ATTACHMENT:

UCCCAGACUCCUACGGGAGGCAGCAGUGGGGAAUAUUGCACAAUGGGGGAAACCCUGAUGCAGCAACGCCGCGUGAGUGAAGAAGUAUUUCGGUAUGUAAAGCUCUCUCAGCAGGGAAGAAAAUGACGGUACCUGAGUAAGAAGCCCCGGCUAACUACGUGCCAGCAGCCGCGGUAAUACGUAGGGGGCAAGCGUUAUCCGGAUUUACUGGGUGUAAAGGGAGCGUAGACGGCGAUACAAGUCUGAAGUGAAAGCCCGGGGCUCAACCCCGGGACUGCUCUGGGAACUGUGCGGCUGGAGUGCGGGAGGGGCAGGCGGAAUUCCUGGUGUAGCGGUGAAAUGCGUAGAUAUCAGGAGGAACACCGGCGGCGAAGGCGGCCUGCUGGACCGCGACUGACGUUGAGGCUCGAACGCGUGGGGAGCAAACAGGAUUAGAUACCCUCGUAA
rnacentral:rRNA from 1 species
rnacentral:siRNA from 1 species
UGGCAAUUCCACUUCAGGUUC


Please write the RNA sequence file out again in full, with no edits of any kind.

UCCCAGACUCCUACGGGAGGCAGCAGUGGGGAAUAUUGCACAAUGGGGGAAACCCUGAUGCAGCAACGCCGCGUGAGUGAAGAAGUAUUUCGGUAUGUAAAGCUCUCUCAGCAGGGAAGAAAAUGACGGUACCUGAGUAAGAAGCCCCGGCUAACUACGUGCCAGCAGCCGCGGUAAUACGUAGGGGGCAAGCGUUAUCCGGAUUUACUGGGUGUAAAGGGAGCGUAGACGGCGAUACAAGUCUGAAGUGAAAGCCCGGGGCUCAACCCCGGGACUGCUCUGGGAACUGUGCGGCUGGAGUGCGGGAGGGGCAGGCGGAAUUCCUGGUGUAGCGGUGAAAUGCGUAGAUAUCAGGAGGAACACCGGCGGCGAAGGCGGCCUGCUGGACCGCGACUGACGUUGAGGCUCGAACGCGUGGGGAGCAAACAGGAUUAGAUACCCUCGUAA
rnacentral:rRNA from 1 species
rnacentral:siRNA from 1 species
UGGCAAUUCCACUUCAGGUUC